British Chancellor of Exchequer Jeremy Hunt said the country would avoid a "technical recession" in 2023, citing a forecast by the Office for Budget Responsibility or OBR.
The OBR projected a 0.2 percent decline in the U.K.'s gross domestic product this year, a significantly smaller decline than the previous prediction of a 1.4 percent drop.
The U.K. Treasury coffers rose due to higher tax receipts and lower spending on some government schemes, such as the Energy Price Guarantee, following the sharp decline in energy prices.
The OBR projection is more optimistic than the International Monetary Fund (IMF) forecast that the U.K. economy would shrink by 0.6 percent this year. Britain remains the only G7 country whose industrial output has not recovered to pre-pandemic levels.
The British economy is expected to grow by 1.8 percent next year, per OBR's report. However, growth forecasts for 2025 and 2026 are lower than previous predictions, signaling that the U.K. government must work on a tight budget in the coming years.
"Today the Office for Budget Responsibility forecast that because of changing international factors and the measures I take, the U.K. will not now enter a technical recession this year," Hunt said.
"They forecast we will meet the Prime Minister's priorities to halve inflation, reduce debt and get the economy growing."
The fiscal headroom for the U.K. is expected to fall to £6 billion ($7.2 billion) by the end of 2026 from £9 billion ($10.8 billion). Meanwhile, U.K. borrowing is projected to peak at around £150 billion ($181 billion) this year but will eventually meet the government's fiscal targets of below £4.5 billion ($5.4 billion) by the end of 2026.
Regarding inflation, the OBR predicted price growth to return to the two percent target in early 2028. Meanwhile, the Bank of England's Monetary Policy Committee (MPC) predicted in its February report that inflation would "fall quickly" in 2023.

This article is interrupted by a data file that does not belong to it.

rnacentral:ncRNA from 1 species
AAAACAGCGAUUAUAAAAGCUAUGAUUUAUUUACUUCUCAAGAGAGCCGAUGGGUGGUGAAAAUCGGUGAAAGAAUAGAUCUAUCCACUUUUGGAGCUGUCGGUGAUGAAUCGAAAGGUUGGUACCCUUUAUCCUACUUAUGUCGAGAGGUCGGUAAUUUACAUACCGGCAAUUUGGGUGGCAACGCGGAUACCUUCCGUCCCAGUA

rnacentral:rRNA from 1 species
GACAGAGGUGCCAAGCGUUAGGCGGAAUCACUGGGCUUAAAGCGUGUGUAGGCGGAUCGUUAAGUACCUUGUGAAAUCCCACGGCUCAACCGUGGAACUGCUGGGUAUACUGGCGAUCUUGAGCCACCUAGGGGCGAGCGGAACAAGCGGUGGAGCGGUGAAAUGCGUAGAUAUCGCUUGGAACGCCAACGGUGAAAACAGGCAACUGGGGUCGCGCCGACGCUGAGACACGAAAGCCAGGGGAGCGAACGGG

The MPC explained that the slower growth in energy and imported goods prices would help bring down the annual inflation rate. The U.K. government has introduced a measure that caps energy bills for households and businesses, while production issues of imported goods have eased as well.
The committee added that high interest rates, courtesy of the central bank's tight monetary policy, would weaken demands for goods and services, allowing inflation to slow even further.
Hunt's public address happened on the same day as a wave of strikes by junior doctors, civil servants, teachers and public transportation workers in various parts of the country.
The Chancellor assured that the government was working to settle the disputes but would only implement a "way that does not fuel inflation."
If you missed my budget and my plan for how we’re going to grow the economy, here are 11 things from the budget in 60 seconds, start the clock 👀 pic.twitter.com/Ra06Opye24— Jeremy Hunt (@Jeremy_Hunt) March 15, 2023
Hunt unveils 'Budget for Growth'
The Chancellor revealed the "Budget for Growth," an initiative to get people back into the workforce, increase business investment and support high-growth industries. Hunt said the new initiative could also resolve the cost-of-living crisis the people had endured in the past year.
A big area of spending in the budget plan is a £4 billion ($4.8 billion) package of childcare support. The plan includes 30 hours of free childcare for all children under five years old to encourage parents to return to work.
The U.K. also tries to encourage people over 50s, people with disabilities and those who claim unemployment benefits to work by increasing the capacity of skill boot camps by 8,000 spots next year. These boot camps will teach these people new skills.
Business tax will rise to 25 percent in April, despite the industry's warnings that it will harm Britain's competitiveness in the global market. The government also decided to scrap the 130 percent tax relief on purchases of equipment for corporations.
However, the government replaced this program with other tax reliefs for companies investing in their facilities — estimated to cost taxpayers £8 billion ($9.6 billion).
Hunt's plan also involves the establishment of investment zones in various locations across the country, support for the green economy transition and increased defense spending.